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Censorship in Regina?

Prof’s lecture on “The Case for Boycotts…” cancelled


 

By Cigdem Iltan

The University of Regina was buzzing this month with talk of academic muzzling off-campus. Emily Eaton, an assistant professor of geography, was a week away from presenting “Solidarity with Palestine: The Case for Boycotts, Divestment and Sanctions Against Israel,” the second of 12 lunchtime talks scheduled over the summer in Regina’s Victoria Park, when she says the coordinator of the series told her the topic was under scrutiny and asked to know more about it. The lecture series, titled “Profs in the Park,” was to be produced in partnership with the Regina Downtown Business Improvement District (RDBID). The next day, she says, the university told her the RDBID had cancelled her event. “This is a clear case of a city-level administration stepping in and saying what its citizens should and shouldn’t be able to hear, and therefore defining the terrain of public debate,” says Eaton. All the professors scheduled to present—on everything from “Gardening with Native Plants” to “Current Trends in Policing”—withdrew from the series. “The profs and the dean collectively decided we’d rather pull all the presentations than be subject to censorship,” says Eaton. (The lecture series has since taken on a new name, “Profs in the City,” and has been relocated to a private space: Neutral Ground Contemporary Art Forum. Eaton presented her lecture to a packed house on June 14.)

Judith Veresuk, executive director of the RDBID, says her organization isn’t to blame for pulling the plug on the original series. She claims that RDBID contacted the university to clarify the content of the talk after the city and her organization received complaints about its subject matter. And instead of providing more info, says Veresuk, the university pulled the lecture. “The next thing I know,” she says, “the university is crying censorship and cancelled the series.”


 

Censorship in Regina?

  1. Nice try RDBID. Asking what topics profs will be addressing and then telling them to change the topic or not give the talk *IS* censorship. No way to weasel out of taking responsibility, RDBID. We are more than “crying censorship”, we are calling it out and decrying it! Long live the commons and our free public spaces…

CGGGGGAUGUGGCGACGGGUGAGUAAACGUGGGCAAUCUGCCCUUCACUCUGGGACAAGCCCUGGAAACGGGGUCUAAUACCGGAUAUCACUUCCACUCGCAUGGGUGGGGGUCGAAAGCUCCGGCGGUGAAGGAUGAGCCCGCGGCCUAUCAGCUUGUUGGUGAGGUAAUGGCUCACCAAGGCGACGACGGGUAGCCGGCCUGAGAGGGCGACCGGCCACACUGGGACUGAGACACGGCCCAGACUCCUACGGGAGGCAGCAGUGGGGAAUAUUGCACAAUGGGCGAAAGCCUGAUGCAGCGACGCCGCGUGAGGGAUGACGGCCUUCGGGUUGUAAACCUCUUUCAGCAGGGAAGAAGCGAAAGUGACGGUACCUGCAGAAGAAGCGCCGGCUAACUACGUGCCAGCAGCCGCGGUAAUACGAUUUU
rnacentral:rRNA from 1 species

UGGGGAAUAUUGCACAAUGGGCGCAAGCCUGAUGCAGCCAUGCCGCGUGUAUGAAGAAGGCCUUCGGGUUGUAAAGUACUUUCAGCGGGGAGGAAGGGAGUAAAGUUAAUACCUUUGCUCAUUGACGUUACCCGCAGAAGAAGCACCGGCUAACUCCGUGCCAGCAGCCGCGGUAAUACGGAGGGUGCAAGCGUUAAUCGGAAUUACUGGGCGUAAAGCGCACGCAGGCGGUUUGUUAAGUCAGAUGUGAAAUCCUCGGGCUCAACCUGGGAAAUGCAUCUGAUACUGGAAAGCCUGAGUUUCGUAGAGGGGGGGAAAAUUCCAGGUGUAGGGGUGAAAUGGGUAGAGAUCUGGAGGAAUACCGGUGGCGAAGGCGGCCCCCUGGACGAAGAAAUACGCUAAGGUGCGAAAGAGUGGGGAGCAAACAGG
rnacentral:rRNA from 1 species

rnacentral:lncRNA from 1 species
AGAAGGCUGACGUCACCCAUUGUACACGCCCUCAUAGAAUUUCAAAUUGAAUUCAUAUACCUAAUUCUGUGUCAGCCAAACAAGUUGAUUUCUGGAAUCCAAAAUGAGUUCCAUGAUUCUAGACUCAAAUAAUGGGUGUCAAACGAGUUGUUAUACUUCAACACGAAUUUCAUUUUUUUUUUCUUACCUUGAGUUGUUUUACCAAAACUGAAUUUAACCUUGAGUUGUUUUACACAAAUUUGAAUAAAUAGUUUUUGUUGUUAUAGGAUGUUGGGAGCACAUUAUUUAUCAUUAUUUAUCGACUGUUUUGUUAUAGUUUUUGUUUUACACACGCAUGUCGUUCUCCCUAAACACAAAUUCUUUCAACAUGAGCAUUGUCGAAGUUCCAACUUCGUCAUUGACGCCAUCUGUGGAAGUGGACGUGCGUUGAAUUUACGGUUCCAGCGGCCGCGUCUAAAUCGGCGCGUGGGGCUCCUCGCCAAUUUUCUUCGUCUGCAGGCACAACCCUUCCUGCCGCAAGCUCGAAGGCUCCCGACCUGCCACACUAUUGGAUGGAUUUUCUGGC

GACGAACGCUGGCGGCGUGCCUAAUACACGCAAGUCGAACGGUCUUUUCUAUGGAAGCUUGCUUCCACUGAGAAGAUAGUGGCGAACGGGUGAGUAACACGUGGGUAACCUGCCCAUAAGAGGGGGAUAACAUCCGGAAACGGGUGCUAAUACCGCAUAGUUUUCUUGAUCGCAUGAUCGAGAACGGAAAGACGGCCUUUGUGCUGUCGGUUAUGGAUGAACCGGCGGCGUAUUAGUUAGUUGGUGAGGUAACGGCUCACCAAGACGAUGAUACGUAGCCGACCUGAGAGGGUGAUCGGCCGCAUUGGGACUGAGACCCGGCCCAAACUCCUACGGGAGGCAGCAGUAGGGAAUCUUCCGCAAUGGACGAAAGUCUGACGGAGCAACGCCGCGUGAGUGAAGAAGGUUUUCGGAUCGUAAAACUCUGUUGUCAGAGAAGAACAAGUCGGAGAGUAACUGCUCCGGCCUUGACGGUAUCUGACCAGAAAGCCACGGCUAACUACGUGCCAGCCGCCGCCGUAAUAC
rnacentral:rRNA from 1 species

• Yes, good point Marc, why at least can’t RDBID take responsibility for what they did? Which is try to control the agenda of what was going to be discussed. The question is why does a so-called economic development board not trust an esteemed academic, Emily Eaton, from an esteemed academic institution, the U of R, to give a talk on what is a very interesting topic to a good number of people within and without the academic community in Regina. On the contrary, they are willing to shut a whole series down because of one unnamed malcontent that has no idea what the talk is even about.

      Hardly a way to run a city or attract other academics, professionals, etc. from across the country that may be considering moving to this city but may now think twice because of kangaroo court acts of intolerance like this one. Small time is all I can say.

  2. The question of control over what can be said or who wants to gather at the cenotaph in Victoria Park should and would be less dictated by City Council, the city administration or the Regina Business Improvement District if there was a different leadership on Council. The Mayor and Council is too much a recipient of support from business and it they who are dictating the policy on the use of Victoria Park, not the citizens of Regina. Hopefully that will change in October 2012.

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